• H04L63/0464Network architectures or network communication protocols for network security for providing a confidential data exchange among entities communicating through data packet networks wherein the data content is protected, e.g. by encrypting or encapsulating the payload using hop-by-hop encryption, i.e. wherein an intermediate entity decrypts the information and re-encrypts it before forwarding it
    • HELECTRICITY
    • H04ELECTRIC COMMUNICATION TECHNIQUE
    • H04LTRANSMISSION OF DIGITAL INFORMATION, e.g. TELEGRAPHIC COMMUNICATION
    • H04L63/00Network architectures or network communication protocols for network security
    • H04L63/14Network architectures or network communication protocols for network security for detecting or protecting against malicious traffic
    • H04L63/1408Network architectures or network communication protocols for network security for detecting or protecting against malicious traffic by monitoring network traffic
    • HELECTRICITY
    • H04ELECTRIC COMMUNICATION TECHNIQUE
    • H04LTRANSMISSION OF DIGITAL INFORMATION, e.g. TELEGRAPHIC COMMUNICATION
    • H04L63/00Network architectures or network communication protocols for network security
    • H04L63/06Network architectures or network communication protocols for network security for supporting key management in a packet data network
    • H04L63/061Network architectures or network communication protocols for network security for supporting key management in a packet data network for key exchange, e.g. in peer-to-peer networks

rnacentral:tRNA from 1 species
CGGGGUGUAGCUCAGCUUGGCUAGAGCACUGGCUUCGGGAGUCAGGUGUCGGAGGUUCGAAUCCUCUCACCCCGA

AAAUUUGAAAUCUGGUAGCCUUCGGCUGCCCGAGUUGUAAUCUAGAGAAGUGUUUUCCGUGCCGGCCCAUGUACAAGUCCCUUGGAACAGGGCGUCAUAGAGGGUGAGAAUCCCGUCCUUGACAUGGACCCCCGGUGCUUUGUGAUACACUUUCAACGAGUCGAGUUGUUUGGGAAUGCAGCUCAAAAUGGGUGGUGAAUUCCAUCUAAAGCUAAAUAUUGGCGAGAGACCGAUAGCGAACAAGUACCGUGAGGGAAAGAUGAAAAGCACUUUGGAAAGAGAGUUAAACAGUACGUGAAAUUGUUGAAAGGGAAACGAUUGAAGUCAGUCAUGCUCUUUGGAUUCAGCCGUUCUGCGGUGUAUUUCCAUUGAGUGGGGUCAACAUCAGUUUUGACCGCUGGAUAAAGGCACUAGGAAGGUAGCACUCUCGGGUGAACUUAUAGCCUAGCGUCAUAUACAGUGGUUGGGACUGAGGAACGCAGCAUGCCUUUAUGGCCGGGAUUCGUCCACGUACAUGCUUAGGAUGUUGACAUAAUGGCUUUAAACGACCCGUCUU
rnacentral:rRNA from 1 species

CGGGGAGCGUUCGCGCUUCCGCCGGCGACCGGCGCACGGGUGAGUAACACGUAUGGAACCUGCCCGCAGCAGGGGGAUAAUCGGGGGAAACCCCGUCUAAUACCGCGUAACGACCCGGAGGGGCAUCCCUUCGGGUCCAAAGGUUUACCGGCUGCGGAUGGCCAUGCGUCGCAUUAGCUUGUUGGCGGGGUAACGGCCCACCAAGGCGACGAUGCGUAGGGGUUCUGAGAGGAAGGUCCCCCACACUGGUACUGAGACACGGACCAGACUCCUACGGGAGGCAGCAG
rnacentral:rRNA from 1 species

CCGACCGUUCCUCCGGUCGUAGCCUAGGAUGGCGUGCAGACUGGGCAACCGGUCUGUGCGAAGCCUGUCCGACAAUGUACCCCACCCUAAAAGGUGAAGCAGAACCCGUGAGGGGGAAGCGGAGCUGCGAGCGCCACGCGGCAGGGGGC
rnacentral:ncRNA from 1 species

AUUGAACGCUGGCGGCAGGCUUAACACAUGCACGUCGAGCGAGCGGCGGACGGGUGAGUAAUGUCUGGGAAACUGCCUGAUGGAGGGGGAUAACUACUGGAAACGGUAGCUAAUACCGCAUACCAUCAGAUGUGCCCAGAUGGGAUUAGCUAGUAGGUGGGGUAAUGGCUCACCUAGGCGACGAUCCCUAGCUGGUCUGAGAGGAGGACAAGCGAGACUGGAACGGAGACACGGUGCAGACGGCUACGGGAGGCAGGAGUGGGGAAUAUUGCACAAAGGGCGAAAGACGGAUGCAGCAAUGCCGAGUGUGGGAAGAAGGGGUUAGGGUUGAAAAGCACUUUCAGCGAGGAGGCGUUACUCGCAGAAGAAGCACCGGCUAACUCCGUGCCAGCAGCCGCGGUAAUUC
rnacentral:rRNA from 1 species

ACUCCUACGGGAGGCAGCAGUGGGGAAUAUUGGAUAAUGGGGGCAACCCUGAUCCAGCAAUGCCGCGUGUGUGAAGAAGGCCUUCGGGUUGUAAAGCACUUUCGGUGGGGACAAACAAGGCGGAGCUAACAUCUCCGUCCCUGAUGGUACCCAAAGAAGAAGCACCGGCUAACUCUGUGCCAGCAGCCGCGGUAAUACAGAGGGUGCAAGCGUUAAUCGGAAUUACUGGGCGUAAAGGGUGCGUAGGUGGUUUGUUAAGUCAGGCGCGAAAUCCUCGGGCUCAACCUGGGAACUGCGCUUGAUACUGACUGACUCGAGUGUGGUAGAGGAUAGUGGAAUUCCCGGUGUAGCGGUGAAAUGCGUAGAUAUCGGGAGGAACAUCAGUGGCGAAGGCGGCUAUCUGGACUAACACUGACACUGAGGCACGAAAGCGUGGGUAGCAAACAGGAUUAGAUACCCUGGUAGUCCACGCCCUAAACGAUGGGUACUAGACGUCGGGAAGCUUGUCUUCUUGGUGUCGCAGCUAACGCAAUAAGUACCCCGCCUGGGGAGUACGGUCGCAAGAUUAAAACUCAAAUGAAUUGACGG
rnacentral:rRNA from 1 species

• HELECTRICITY
    • H04ELECTRIC COMMUNICATION TECHNIQUE
    • H04LTRANSMISSION OF DIGITAL INFORMATION, e.g. TELEGRAPHIC COMMUNICATION
    • H04L63/00Network architectures or network communication protocols for network security
    • H04L63/06Network architectures or network communication protocols for network security for supporting key management in a packet data network
    • H04L63/062Network architectures or network communication protocols for network security for supporting key management in a packet data network for key distribution, e.g. centrally by trusted party
    • HELECTRICITY
    • H04ELECTRIC COMMUNICATION TECHNIQUE
    • H04LTRANSMISSION OF DIGITAL INFORMATION, e.g. TELEGRAPHIC COMMUNICATION
    • H04L63/00Network architectures or network communication protocols for network security
    • H04L63/06Network architectures or network communication protocols for network security for supporting key management in a packet data network
    • H04L63/067Network architectures or network communication protocols for network security for supporting key management in a packet data network using one-time keys

Abstract